I was almost seven when King Henry VIII died in 1547, for I was born in 1540, in London. My father sold books – a new invention for the few who could read! Though we knew about the King’s serious quarrel with the Pope and the persecutions, we were a good Catholic family.
When only 15 years, I was sent on a scholarship to Oxford College and graduated two years later. Soon I changed sides and acknowledged Queen Elizabeth as head of the church in England. I must admit that she, like many others, admired my sharp intelligence, and wanted to grant me promotions. I became a deacon of the Anglican Church.
Deep down in my heart I was a Catholic and I had serious doubts about the new Protestant setup. In fact I went to Ireland to try and clear my doubts, and fortunately I returned back to my Catholic roots. High royal officials tried to buy my support, but I escaped to France when Elizabeth herself was condemned by Pope Pius V and tried to arrest me.
At a Catholic Seminary in France I studied to become a priest and I was accepted in the Society of Jesus, known as the Jesuits. I lectured at Prague’s College and it was there that I was ordained a priest in 1578.
Few years later I volunteered with another Jesuit priest to return secretly to England to start a Catholic mission. I knew well how dangerous this decision was, especially for me because the Queen and other officials were still out in full force to kill me. They feared my ability to challenge their new theories for I preached and wrote clearly about Jesus and the truth of the Catholic faith. They nicknamed me in fact “the Seditious Jesuit”.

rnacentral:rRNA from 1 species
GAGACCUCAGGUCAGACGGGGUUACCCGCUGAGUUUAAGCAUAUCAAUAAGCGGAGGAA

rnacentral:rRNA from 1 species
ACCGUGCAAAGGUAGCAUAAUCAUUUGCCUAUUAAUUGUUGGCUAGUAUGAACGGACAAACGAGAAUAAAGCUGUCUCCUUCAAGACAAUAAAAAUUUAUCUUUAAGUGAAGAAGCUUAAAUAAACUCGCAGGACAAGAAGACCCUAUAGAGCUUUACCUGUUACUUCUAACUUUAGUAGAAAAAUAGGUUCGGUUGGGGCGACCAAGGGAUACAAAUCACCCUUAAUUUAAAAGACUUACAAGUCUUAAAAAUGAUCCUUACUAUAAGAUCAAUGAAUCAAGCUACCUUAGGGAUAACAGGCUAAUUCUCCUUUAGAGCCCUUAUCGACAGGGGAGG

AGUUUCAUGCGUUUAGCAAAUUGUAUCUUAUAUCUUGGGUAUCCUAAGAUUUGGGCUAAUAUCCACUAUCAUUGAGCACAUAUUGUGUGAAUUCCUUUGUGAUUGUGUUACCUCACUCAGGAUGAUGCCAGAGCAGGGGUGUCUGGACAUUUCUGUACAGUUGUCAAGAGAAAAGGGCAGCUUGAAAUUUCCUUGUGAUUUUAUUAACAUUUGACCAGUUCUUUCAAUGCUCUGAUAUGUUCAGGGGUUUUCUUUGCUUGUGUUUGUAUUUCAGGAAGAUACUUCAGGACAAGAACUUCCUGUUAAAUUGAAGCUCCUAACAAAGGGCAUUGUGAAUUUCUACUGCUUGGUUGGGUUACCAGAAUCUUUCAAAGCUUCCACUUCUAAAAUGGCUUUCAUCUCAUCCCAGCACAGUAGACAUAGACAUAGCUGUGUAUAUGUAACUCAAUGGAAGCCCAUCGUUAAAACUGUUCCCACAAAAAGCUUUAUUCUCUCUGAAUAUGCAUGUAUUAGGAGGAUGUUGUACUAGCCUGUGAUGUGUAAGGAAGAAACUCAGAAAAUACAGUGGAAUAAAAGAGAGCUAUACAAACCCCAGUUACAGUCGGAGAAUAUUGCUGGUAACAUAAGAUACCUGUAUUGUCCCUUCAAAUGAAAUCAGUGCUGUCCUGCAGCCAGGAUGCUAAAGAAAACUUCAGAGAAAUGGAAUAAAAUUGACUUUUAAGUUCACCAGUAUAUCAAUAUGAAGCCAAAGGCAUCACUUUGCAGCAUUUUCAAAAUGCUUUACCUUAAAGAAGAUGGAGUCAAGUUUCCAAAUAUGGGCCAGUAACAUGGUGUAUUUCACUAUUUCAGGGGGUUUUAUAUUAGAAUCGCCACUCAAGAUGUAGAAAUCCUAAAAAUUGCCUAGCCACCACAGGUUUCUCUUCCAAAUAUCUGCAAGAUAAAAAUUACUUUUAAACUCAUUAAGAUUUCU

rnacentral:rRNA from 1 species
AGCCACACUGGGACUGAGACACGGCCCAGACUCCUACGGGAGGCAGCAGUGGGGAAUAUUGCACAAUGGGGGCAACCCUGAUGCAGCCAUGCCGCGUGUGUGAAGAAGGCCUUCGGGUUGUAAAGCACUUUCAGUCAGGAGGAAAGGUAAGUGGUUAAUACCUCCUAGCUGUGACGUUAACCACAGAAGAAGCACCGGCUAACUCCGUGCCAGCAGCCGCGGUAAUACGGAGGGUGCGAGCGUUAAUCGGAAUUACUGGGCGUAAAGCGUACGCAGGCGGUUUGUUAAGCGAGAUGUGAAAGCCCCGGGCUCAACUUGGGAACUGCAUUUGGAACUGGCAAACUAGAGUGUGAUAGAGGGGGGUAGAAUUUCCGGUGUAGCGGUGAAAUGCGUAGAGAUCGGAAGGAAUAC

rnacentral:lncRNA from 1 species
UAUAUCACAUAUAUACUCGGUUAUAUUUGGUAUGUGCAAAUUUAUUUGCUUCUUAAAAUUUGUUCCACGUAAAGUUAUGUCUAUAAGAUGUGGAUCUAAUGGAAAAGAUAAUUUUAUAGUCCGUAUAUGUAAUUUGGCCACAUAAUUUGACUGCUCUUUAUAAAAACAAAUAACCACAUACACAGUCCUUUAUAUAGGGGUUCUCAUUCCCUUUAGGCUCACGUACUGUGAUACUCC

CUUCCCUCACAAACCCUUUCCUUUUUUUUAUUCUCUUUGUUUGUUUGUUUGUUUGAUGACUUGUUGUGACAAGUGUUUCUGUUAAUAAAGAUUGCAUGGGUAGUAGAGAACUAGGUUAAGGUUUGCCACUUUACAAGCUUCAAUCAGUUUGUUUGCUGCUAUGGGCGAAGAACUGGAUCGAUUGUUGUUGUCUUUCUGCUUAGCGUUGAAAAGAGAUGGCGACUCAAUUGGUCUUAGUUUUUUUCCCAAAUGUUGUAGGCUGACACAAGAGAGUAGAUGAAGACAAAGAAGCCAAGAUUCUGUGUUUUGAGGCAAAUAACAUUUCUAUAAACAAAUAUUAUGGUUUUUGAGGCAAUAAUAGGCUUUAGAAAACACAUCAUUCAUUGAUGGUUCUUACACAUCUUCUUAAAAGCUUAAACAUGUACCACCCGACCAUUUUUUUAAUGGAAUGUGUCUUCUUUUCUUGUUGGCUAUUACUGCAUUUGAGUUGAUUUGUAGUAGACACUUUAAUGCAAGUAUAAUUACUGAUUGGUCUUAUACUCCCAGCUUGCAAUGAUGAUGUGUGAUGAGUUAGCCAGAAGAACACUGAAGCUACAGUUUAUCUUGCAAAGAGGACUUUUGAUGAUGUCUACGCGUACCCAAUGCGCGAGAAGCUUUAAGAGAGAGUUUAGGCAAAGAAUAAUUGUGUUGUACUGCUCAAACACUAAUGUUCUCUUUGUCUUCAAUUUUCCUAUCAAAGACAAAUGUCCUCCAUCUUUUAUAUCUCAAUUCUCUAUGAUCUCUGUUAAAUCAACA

I was soon found out for somebody at Lyford, near Oxford, betrayed me. I was immediately imprisoned in the Tower in 1581. They tried hard to change my mind and bring me to change my religion once more. Queen Elizabeth herself came to see me. But with God’s grace I held fast even if they tortured me harshly.
I was eventually taken to Tyburn where on 1 December 1581 I was quartered and hanged as a “traitor”. Many years later I was declared a saint by Pope Paul VI in 1970 together with other 39 Martyrs of England and Wales.
My answer to my jurors when our group of Martyrs was condemned remained famous, I think. It’s printed on this sheet on the left.
“In condemning us, you condemn all your own ancestors, all our ancient bishops and kings, all that was once the glory of England — the island of saints, and the most devoted child of the See of Peter."
St Edmond Campion
Download a pdf format file of this biography by clicking here: St Edmond Campion
We welcome your help, comments and suggestions regarding these and other resources on this website. They will be used as a guide for improvements and future developments. Please write to us by filling the form here or send an email on firstname.lastname@example.org.